By Antranias. CC0 Creative Commons.

Evidence supporting a theory that proteins linked to neurological diseases such as Alzheimer’s can be transferred from sick to healthy patients continues to accumulate. Speaking of Alzheimer’s, Eli Lilly signed a deal with AC Immune to develop a treatment. In other news, Biogen backed down from a US$1 billion deal to develop a treatment for rare eye diseases.

In Mexico, President Andrés Manuel López Obrador announced the country’s transition to a new healthcare model, Farmacias Guadalajara’s operator said it would build a third distributor center, Stendhal Pharma won a tender to sell HIV antiretrovirals to IMSS, INEGI indicated that the healthcare sector represented MX$1.2 billion in 2017 and a Canadian company signed a deal to become the first distributor of cannabis products in the country.

Global Health Intelligence’s Guillaume Copart spoke to Mexico Health Review on the way Big Data can support healthcare operations.

Now, jump into last week’s highlights:



President López Obrador announced a new healthcare system in which all services will be provided by the federal government within the next two years. The president also announced that Seguro Popular will be replaced by a new model.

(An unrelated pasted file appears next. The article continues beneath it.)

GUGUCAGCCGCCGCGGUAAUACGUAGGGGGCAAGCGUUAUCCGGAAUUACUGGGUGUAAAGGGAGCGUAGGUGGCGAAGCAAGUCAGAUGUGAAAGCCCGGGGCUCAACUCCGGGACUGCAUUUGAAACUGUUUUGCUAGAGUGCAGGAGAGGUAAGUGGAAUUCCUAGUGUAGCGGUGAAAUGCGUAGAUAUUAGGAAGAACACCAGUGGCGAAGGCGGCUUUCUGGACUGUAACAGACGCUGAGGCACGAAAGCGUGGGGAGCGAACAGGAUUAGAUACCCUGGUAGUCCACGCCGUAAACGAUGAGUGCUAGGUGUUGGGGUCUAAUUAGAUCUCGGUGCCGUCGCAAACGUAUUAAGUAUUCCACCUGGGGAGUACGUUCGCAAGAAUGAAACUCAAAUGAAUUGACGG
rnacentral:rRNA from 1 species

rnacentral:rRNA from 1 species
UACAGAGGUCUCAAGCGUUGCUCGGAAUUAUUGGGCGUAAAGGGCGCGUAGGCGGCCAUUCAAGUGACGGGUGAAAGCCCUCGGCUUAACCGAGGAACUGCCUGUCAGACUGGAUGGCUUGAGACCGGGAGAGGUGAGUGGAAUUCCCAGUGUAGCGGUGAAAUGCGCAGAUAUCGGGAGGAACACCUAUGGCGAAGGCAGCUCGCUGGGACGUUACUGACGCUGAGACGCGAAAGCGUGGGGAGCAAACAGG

INEGI stated that the healthcare sector’s added value represented 5.6 percent of Mexico’s GDP in 2017, a total of This value represents all economic activities directly or indirectly related to prevention, care and management of health.

Canadian Aurora Cannabis to buy Farmacias Magistrales. This will allow the Canadian company to import medical supplies containing tetrahydrocannabinol.

The operator of Farmacias Guadalajara will invest MX$1.6 billion in the construction of a third distribution center in Hidalgo, Mexico.

Stendhal Pharma won a tender to sell HIV antiretrovirals to IMSS for a value of approximately MX$662 million.



Biogen backed down from a  US$1 billion deal with AGTC to develop a gene therapy for treating rare eye diseases, sending the latter’s shares plunging.

Eli Lilly signed a US$81 million deal with AC Immune to develop the latter’s tau aggregation inhibitors. These products are meant to reduce tau aggregates and improve the memory of Alzheimer’s patients.

Scientists point to growing evidence that the proteins characteristic of Alzheimer’s and other neurodegenerative diseases can be transferred between patients and may lead to brain disease years later.

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